Carney-val for the pound could be short-lived
City Index November 1, 2016 11:11 AM
<p>The pound had a sharp move higher at the end of trading on Monday as Mark Carney, Governor of the Bank of England said that […]</p>
The pound had a sharp move higher at the end of trading on Monday as Mark Carney, Governor of the Bank of England said that he would extend his tenure at the Bank of England until June 2019.
Why not stay until 2021, Mark?
While this is considered a welcome sign of stability in exceptionally uncertain times, one has to ask why he is so reluctant to stay on until 2021, when the term officially ends? An extra year is good, however the uncertainty caused by Brexit makes it very difficult to anticipate the health of the UK economy in three years’ time. Thus, even after today’s announcement, Carney may still leave the Bank of England at a delicate time for the UK economy, as the government tries to navigate a smooth exit from the EU.
Could the BOE Inflation Report provide a sweetener for GBP?
The markets are breathing a collective sigh of relief that Carney has extended his term, after all, if he extended it once, could he do so again? The pound has enjoyed a major turnaround, and is the best performing currency in the G10 at the start of this week. It is higher by a decent 0.5% against both the USD and the euro, and has also done well against the yen. Whether or not it can hold onto these gains may depend on what Mark Carney has to say when he gets back to the day job on Thursday and presents the Bank’s latest Inflation Report. We think that the bigger risk is that the Bank actually upgrades its GDP forecast for next year, based on the better run of data for the second half of 2016. Although the Governor is likely to reiterate the uncertainty around the outcome for the UK economy once Article 50 is triggered, it is the forecasts that matter for traders. If they are upgraded, expect a broad-based rally in the pound and other UK based assets, as some dare to dream that the UK economy could perform well during EU exit negotiations.
Even so, the pound’s post Carney splurge may be short-lived, as his decision to stay on until 2019 may not be long enough. GBPUSD met some resistance above 1.2250, and we may have to wait until we hear from Carney on Thursday to determine if this rally has the puff needed for GBPUSD to get back to 1.25.
With plenty of other news to distract the stock markets, we don’t think Carney’s announcement can do much to light a fire under the FTSE 100. Key earnings releases from BP and Shell on Tuesday morning are likely to determine whether the FTSE 100 can stay above 6,898 – the 50-day moving average, and a key support zone.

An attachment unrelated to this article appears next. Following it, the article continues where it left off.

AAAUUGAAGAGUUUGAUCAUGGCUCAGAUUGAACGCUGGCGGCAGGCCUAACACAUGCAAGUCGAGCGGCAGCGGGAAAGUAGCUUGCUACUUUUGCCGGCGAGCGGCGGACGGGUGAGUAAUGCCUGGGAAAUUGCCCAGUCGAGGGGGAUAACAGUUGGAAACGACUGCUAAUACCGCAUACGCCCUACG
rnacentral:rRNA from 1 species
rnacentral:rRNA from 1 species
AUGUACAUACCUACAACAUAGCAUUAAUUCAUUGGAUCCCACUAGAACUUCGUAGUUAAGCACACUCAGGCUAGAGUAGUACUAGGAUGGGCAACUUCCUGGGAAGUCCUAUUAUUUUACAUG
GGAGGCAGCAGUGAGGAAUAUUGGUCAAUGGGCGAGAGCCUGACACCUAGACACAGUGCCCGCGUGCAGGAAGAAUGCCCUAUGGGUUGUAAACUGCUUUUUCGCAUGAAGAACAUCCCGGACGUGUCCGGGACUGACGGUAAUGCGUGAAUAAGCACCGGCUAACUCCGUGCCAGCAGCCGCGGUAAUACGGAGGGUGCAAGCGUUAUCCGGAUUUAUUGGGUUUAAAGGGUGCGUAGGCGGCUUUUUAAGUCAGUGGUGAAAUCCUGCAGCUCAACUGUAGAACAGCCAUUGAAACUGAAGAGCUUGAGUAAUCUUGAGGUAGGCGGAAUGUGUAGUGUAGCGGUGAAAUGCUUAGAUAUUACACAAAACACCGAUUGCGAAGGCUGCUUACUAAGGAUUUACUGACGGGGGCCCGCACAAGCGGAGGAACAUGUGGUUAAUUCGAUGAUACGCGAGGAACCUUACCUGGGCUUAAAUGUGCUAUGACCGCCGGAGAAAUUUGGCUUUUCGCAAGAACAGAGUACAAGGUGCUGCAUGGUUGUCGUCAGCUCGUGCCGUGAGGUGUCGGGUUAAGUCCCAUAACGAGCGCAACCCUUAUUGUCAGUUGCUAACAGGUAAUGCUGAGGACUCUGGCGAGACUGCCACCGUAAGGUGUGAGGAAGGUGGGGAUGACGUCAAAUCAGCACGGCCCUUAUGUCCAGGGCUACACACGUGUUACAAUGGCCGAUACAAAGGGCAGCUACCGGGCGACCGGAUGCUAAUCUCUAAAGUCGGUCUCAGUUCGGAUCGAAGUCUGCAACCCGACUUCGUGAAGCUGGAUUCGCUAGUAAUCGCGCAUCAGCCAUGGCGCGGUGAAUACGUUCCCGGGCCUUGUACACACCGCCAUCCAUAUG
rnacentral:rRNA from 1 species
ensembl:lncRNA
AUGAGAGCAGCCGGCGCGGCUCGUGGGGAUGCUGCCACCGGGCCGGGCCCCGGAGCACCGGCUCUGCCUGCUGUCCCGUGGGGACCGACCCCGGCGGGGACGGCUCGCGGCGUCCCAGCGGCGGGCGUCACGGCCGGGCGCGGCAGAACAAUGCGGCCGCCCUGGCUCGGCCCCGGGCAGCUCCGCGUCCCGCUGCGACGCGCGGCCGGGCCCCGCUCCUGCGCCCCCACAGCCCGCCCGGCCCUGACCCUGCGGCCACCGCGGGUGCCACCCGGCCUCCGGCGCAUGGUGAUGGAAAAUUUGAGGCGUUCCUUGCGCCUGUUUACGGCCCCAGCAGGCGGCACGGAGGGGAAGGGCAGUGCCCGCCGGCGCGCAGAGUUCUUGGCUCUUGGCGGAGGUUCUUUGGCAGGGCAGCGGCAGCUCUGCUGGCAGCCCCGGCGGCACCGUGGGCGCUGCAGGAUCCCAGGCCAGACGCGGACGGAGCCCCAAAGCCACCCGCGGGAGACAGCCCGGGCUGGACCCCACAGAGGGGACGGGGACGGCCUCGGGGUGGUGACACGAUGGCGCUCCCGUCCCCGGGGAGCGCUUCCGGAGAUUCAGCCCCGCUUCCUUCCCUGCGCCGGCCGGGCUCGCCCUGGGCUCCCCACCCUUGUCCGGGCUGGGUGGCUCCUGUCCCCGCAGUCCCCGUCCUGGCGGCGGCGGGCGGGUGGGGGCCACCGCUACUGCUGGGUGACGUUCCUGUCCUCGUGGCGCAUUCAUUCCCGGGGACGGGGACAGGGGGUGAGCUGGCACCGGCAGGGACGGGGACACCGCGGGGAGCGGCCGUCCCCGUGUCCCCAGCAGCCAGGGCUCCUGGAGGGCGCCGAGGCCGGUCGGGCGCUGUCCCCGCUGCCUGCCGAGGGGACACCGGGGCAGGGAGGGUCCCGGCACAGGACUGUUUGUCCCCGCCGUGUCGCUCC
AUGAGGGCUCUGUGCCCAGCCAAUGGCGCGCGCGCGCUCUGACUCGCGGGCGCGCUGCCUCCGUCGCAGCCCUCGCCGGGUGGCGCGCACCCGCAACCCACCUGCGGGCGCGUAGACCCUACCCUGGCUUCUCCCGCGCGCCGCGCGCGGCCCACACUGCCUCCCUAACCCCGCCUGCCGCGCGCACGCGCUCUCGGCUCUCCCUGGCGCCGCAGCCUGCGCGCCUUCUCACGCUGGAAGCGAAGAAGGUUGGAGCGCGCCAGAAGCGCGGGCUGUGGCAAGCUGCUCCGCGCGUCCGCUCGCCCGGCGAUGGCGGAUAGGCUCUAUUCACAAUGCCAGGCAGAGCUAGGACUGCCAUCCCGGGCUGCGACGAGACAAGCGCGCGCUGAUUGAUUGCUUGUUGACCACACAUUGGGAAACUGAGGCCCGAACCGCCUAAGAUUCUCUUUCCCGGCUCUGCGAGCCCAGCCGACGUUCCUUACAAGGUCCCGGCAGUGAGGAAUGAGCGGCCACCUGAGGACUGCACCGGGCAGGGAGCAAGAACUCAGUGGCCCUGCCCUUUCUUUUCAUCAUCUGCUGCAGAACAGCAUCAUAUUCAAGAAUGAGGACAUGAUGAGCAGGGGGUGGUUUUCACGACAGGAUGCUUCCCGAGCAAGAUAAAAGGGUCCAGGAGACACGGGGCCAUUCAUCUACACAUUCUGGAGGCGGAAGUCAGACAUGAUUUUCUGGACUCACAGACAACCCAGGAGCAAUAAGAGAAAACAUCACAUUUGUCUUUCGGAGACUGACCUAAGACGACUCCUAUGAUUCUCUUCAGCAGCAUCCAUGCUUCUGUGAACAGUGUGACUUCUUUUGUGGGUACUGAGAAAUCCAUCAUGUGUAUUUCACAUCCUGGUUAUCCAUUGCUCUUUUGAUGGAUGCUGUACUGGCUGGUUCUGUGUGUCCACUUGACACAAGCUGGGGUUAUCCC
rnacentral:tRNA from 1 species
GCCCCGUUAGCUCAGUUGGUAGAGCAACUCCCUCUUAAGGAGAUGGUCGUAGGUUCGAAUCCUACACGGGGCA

The Government needs to keep its chequebook handy
A word on the news last week that Nissan has committed to continue to make cars at its Sunderland plant. While this is good news for the UK economy, especially in Sunderland, it would be useful to know what type of sweeteners the valuable in terms of jobs and tax take to the UK economy than carmakers, surely the same type of confidence-boosting deal will be offered to the City? This begs the question, is the consequence of Brexit a very expensive way of maintaining access to a single market that we used to be able to access for free?
Risks relating to “the Donald” not truly priced in
The US election continues to muddy the outlook for investors. Until the risk of a Donald Trump Presidency is eradicated, it is hard to see the S&P 500 go anywhere fast. Technical indicators are pointing lower, and with the index below both the 50 and 100-day moving averages, there could be further downside for the US index back towards 2,078 – the 200-day moving average – in the coming days. The US index hasn’t even reacted to the spate of mega M&A deals in October, worth some $500bn, one of the busiest M&A months’ for 12 years.
Election risks keep investors’’ on their guard
Interestingly, the treasury market is not showing signs of pre election jitters. There has not yet been significant safe haven flows into Treasuries, pushing yields lower (10-year yields are at their highest level since May), which suggests that the bond market is not pricing in the prospect of a Trump win next week. Although we think Clinton will win the race, an upset the size of Trump could trigger a major sell off in stocks and a rapid flight to safe havens like Treasuries and the yen. Treasury yields are likely to fall fast as the market prices out the prospect of a Fed rate cut in December. This is one reason why we expect the Bank of Japan to signal no change to its monetary policy programme today; if Trump wins next week then it may need to save its ammunition to dampen a massive surge in the yen in the aftermath.
Overall, political risk is taking centre stage. BOE risk might be out of the way with the Carney decision on Monday, but UK assets including GBP still face strong headwinds, which could limit any GBP upside from the Carney rally as we move through the week. Earnings releases and a continued decline in the oil price as an Opec production cut looks less likely, may weigh on global equity sentiment for the rest of this week.
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